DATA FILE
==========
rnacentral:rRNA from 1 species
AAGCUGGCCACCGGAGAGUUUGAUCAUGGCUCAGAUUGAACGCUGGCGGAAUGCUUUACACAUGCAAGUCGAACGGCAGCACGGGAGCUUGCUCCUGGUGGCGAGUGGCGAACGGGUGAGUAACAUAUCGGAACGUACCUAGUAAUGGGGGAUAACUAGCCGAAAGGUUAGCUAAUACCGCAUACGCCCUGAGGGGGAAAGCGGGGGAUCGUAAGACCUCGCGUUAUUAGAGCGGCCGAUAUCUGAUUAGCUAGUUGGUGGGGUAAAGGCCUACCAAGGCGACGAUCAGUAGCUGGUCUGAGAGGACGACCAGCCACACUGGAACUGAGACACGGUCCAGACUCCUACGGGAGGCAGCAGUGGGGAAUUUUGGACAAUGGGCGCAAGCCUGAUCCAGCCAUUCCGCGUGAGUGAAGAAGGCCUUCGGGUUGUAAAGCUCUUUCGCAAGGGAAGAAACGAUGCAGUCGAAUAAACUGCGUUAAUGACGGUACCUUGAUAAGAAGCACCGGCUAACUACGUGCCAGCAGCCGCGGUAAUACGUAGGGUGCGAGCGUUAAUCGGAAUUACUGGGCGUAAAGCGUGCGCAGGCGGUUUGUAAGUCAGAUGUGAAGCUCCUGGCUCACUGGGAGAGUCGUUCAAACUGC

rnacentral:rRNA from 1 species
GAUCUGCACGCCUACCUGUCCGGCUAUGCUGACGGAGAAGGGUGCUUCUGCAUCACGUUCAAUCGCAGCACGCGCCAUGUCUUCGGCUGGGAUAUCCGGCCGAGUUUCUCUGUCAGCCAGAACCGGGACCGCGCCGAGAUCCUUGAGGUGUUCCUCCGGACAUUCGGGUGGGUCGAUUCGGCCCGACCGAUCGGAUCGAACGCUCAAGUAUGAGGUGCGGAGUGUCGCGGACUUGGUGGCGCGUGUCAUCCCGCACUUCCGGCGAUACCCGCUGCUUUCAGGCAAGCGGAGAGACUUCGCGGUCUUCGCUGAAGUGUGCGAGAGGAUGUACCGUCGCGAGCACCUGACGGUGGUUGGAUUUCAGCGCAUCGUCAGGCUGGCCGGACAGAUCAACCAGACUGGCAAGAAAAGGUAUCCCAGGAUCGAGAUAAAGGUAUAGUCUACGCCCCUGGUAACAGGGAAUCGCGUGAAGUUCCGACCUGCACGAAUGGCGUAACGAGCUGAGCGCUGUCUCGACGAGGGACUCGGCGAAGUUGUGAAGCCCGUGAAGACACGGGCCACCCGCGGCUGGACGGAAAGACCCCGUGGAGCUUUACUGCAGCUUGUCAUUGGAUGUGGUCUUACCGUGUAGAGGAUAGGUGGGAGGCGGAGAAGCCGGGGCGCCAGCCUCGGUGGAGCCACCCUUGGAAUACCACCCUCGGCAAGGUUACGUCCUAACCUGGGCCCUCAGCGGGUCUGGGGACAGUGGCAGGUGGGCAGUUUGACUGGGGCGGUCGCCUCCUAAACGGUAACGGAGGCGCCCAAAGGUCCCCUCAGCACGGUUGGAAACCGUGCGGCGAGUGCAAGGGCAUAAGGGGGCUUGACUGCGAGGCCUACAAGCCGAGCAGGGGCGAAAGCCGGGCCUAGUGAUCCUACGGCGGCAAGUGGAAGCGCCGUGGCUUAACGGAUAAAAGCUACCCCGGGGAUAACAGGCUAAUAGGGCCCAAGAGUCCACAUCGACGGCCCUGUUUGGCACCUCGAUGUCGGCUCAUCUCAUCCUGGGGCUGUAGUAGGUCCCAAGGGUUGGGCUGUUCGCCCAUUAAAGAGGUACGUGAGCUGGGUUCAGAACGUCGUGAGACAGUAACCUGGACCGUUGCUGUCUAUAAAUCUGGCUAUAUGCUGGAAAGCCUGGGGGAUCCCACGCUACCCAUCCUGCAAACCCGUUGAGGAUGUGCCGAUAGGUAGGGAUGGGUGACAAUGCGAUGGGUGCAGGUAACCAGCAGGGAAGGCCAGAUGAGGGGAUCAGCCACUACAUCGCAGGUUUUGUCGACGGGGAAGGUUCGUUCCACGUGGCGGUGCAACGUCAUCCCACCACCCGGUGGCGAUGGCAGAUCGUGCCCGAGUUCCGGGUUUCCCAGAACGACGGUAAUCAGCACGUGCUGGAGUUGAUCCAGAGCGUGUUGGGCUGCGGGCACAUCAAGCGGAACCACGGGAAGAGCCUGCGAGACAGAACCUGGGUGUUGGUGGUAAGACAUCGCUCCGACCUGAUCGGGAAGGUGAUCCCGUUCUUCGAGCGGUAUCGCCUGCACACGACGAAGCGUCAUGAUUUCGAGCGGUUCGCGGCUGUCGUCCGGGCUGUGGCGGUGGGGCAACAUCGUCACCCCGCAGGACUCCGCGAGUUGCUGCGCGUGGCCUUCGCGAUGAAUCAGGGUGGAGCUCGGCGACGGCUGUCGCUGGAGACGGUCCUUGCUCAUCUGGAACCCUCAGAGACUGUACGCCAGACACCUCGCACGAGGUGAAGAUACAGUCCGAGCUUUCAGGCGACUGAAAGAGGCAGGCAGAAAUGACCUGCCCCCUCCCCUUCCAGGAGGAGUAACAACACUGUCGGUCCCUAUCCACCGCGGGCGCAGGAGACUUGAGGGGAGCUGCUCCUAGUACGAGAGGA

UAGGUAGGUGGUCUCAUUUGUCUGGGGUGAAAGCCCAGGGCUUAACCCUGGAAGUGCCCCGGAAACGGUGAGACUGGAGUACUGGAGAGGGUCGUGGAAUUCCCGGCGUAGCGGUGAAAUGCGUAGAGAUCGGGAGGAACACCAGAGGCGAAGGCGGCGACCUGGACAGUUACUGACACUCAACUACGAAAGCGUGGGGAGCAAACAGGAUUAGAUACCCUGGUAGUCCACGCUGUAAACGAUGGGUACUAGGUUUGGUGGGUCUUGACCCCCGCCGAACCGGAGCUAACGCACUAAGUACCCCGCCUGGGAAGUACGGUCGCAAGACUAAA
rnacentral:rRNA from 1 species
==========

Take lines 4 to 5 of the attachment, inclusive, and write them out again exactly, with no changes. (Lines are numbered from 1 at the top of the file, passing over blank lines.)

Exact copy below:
GAUCUGCACGCCUACCUGUCCGGCUAUGCUGACGGAGAAGGGUGCUUCUGCAUCACGUUCAAUCGCAGCACGCGCCAUGUCUUCGGCUGGGAUAUCCGGCCGAGUUUCUCUGUCAGCCAGAACCGGGACCGCGCCGAGAUCCUUGAGGUGUUCCUCCGGACAUUCGGGUGGGUCGAUUCGGCCCGACCGAUCGGAUCGAACGCUCAAGUAUGAGGUGCGGAGUGUCGCGGACUUGGUGGCGCGUGUCAUCCCGCACUUCCGGCGAUACCCGCUGCUUUCAGGCAAGCGGAGAGACUUCGCGGUCUUCGCUGAAGUGUGCGAGAGGAUGUACCGUCGCGAGCACCUGACGGUGGUUGGAUUUCAGCGCAUCGUCAGGCUGGCCGGACAGAUCAACCAGACUGGCAAGAAAAGGUAUCCCAGGAUCGAGAUAAAGGUAUAGUCUACGCCCCUGGUAACAGGGAAUCGCGUGAAGUUCCGACCUGCACGAAUGGCGUAACGAGCUGAGCGCUGUCUCGACGAGGGACUCGGCGAAGUUGUGAAGCCCGUGAAGACACGGGCCACCCGCGGCUGGACGGAAAGACCCCGUGGAGCUUUACUGCAGCUUGUCAUUGGAUGUGGUCUUACCGUGUAGAGGAUAGGUGGGAGGCGGAGAAGCCGGGGCGCCAGCCUCGGUGGAGCCACCCUUGGAAUACCACCCUCGGCAAGGUUACGUCCUAACCUGGGCCCUCAGCGGGUCUGGGGACAGUGGCAGGUGGGCAGUUUGACUGGGGCGGUCGCCUCCUAAACGGUAACGGAGGCGCCCAAAGGUCCCCUCAGCACGGUUGGAAACCGUGCGGCGAGUGCAAGGGCAUAAGGGGGCUUGACUGCGAGGCCUACAAGCCGAGCAGGGGCGAAAGCCGGGCCUAGUGAUCCUACGGCGGCAAGUGGAAGCGCCGUGGCUUAACGGAUAAAAGCUACCCCGGGGAUAACAGGCUAAUAGGGCCCAAGAGUCCACAUCGACGGCCCUGUUUGGCACCUCGAUGUCGGCUCAUCUCAUCCUGGGGCUGUAGUAGGUCCCAAGGGUUGGGCUGUUCGCCCAUUAAAGAGGUACGUGAGCUGGGUUCAGAACGUCGUGAGACAGUAACCUGGACCGUUGCUGUCUAUAAAUCUGGCUAUAUGCUGGAAAGCCUGGGGGAUCCCACGCUACCCAUCCUGCAAACCCGUUGAGGAUGUGCCGAUAGGUAGGGAUGGGUGACAAUGCGAUGGGUGCAGGUAACCAGCAGGGAAGGCCAGAUGAGGGGAUCAGCCACUACAUCGCAGGUUUUGUCGACGGGGAAGGUUCGUUCCACGUGGCGGUGCAACGUCAUCCCACCACCCGGUGGCGAUGGCAGAUCGUGCCCGAGUUCCGGGUUUCCCAGAACGACGGUAAUCAGCACGUGCUGGAGUUGAUCCAGAGCGUGUUGGGCUGCGGGCACAUCAAGCGGAACCACGGGAAGAGCCUGCGAGACAGAACCUGGGUGUUGGUGGUAAGACAUCGCUCCGACCUGAUCGGGAAGGUGAUCCCGUUCUUCGAGCGGUAUCGCCUGCACACGACGAAGCGUCAUGAUUUCGAGCGGUUCGCGGCUGUCGUCCGGGCUGUGGCGGUGGGGCAACAUCGUCACCCCGCAGGACUCCGCGAGUUGCUGCGCGUGGCCUUCGCGAUGAAUCAGGGUGGAGCUCGGCGACGGCUGUCGCUGGAGACGGUCCUUGCUCAUCUGGAACCCUCAGAGACUGUACGCCAGACACCUCGCACGAGGUGAAGAUACAGUCCGAGCUUUCAGGCGACUGAAAGAGGCAGGCAGAAAUGACCUGCCCCCUCCCCUUCCAGGAGGAGUAACAACACUGUCGGUCCCUAUCCACCGCGGGCGCAGGAGACUUGAGGGGAGCUGCUCCUAGUACGAGAGGA

UAGGUAGGUGGUCUCAUUUGUCUGGGGUGAAAGCCCAGGGCUUAACCCUGGAAGUGCCCCGGAAACGGUGAGACUGGAGUACUGGAGAGGGUCGUGGAAUUCCCGGCGUAGCGGUGAAAUGCGUAGAGAUCGGGAGGAACACCAGAGGCGAAGGCGGCGACCUGGACAGUUACUGACACUCAACUACGAAAGCGUGGGGAGCAAACAGGAUUAGAUACCCUGGUAGUCCACGCUGUAAACGAUGGGUACUAGGUUUGGUGGGUCUUGACCCCCGCCGAACCGGAGCUAACGCACUAAGUACCCCGCCUGGGAAGUACGGUCGCAAGACUAAA